# Simple Polynomial Gradient Descent algorithm not working

I am trying to implement a simple 2nd order polynomial gradient descent algorithm in Java. It is not converging and becomes unstable. How do I fix it?

public class PolyGradientDescent {
public static double getValue(double input) {
return 3 * input * input - 4 * input + 3.5;
}

public static void fit() {
double x0 = Math.random();
double x1 = Math.random();
double x2 = Math.random();
double size = 15;
double learningrate = 0.0001;

for(int i = 0; i < 400; i++) {
double partial_x2 = 0;
double partial_x1 = 0;
double partial_x0 = 0;
for(double x = 0; x < size+0.001; x++) {
double xx = x * x;
double y_predict = xx * x2 + x * x1 + x0;
double delta = getValue(x) - y_predict;
partial_x2 += xx * delta;
partial_x1 += x * delta;
partial_x0 += delta;
}
x0 = x0 + (2 / size) * partial_x0 * learningrate;
x1 = x1 + (2 / size) * partial_x1 * learningrate;
x2 = x2 + (2 / size) * partial_x2 * learningrate;
System.out.println(x0 + "\t" + x1 + "\t" + x2 + "\t" + "\t" + partial_x2 + "\t" + partial_x1 + "\t" + partial_x0);
}
for(double x = 0; x < size+0.001; x++) {
System.out.println("Y: " + getValue(x) + ", Y_Predict: " + (x2 * x * x + x1 * x + x0));
}
}

public static void main(String[] args) {
fit();
}
}


I tested your code in python and it works just fine, when I decrease the learning rate (divided by 100) by a bit more (and the epochs multiplied by 100).

I also changed the way the derivative was calculated to make it more mathematically correct :)

import random

def getValue(x):
return 3 * x * x - 4 * x + 3.5

def fit():
x0 = random.randrange(-100, 101) / 100
x1 = random.randrange(-100, 101) / 100
x2 = random.randrange(-100, 101) / 100
size = 15
learningrate = 0.000001

for i in range(40000):
partial_x2 = 0
partial_x1 = 0
partial_x0 = 0
for x in range(16):
xx = x * x
y_predict = xx * x2 + x * x1 + x0
delta = getValue(x) - y_predict

# for the partial derivatives, I pulled the sign and the 2 into this step, and also devided the term later by -2, because this would be the true derivative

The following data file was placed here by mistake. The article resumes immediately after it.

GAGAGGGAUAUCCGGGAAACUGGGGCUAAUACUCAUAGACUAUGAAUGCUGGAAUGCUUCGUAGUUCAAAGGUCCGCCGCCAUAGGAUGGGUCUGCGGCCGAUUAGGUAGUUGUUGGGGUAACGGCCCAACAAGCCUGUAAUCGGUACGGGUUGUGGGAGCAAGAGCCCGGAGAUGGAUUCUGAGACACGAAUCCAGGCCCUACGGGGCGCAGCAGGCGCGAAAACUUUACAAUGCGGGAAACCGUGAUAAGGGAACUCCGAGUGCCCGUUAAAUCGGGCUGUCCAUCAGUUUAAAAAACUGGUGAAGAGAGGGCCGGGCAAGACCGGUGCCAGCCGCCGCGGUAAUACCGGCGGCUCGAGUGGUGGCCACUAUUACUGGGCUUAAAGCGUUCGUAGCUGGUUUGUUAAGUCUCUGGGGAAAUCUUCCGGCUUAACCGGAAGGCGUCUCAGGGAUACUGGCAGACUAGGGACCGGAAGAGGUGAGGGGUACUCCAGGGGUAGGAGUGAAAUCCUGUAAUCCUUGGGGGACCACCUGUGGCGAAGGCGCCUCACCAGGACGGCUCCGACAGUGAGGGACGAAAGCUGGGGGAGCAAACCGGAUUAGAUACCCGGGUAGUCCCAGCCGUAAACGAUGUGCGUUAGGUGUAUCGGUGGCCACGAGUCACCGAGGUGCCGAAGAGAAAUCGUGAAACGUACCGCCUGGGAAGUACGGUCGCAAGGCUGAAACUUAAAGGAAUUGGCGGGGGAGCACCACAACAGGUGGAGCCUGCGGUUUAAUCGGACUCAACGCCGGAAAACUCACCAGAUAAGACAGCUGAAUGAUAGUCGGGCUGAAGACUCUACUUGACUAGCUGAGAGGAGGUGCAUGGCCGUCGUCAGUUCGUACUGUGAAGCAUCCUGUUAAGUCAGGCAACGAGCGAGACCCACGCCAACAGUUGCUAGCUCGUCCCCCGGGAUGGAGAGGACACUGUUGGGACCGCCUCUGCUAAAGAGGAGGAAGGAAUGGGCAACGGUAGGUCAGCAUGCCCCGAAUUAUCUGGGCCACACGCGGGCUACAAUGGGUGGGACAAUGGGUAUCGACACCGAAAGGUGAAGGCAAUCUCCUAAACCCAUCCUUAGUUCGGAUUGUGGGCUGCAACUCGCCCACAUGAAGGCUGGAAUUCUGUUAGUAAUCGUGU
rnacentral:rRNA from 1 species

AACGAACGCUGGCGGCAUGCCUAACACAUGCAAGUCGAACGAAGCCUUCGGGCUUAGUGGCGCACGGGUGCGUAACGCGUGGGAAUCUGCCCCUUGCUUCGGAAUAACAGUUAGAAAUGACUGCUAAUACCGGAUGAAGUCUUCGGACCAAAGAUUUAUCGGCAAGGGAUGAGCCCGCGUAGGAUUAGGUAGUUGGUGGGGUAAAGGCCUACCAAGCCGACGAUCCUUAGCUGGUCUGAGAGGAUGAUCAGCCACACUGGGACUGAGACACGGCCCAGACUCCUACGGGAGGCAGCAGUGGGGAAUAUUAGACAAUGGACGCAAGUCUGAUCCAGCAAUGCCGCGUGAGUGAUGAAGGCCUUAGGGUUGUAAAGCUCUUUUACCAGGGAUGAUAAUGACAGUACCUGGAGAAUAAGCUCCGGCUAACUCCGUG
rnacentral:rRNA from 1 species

partial_x2 -= 2 * xx * delta
partial_x1 -= 2 * x * delta
partial_x0 -= 2 * delta

x0 = x0 - (1 / size) * partial_x0 * learningrate
x1 = x1 - (1 / size) * partial_x1 * learningrate
x2 = x2 - (1 / size) * partial_x2 * learningrate

for x in range(16):
print("Y: " + str(getValue(x)) + ", Y_Predict: " + str(x2 * x * x + x1 * x + x0))

fit()

• Thanks for your help. I appreciate. Does the factor of 2 come from chain rule applied to the ordinary least squares cost function? If so, that makes sense. I ran your function and it performs similar to mine. In fact, I think they are equal, no? I'm a little disappointed at the performance of this algorithm. Here, we are only trying to fit 15 points which align perfectly on a 2nd order polynomial and even after 1 million iterations, the delta between y and y-predict is still greater than 1 for a couple of points. Is that expected? Jan 21 at 7:02
• Yes you are right, and they should be equal as I just pulled the -2 from one term into the other. Your algorithm is inefficient because you are working with polynomials which produce large values. The label for X: 15 is Y: 618.5. That means if your function predicts 0 in the beginning, partial_x2 becomes 2 * 15 * 15 * 618.5. That's why you need the small learning rate. What you could try is gradient clipping where you clip the partial_xn values to be between e.g. -20 and 20 and then you can choose a much higher learning rate. I have tried it and it worked quite well. I hope this helps :) Jan 23 at 23:43
• thanks. I found this helpful too -- added momentum. cs.toronto.edu/~lczhang/321/notes/notes08.pdf Jan 25 at 4:10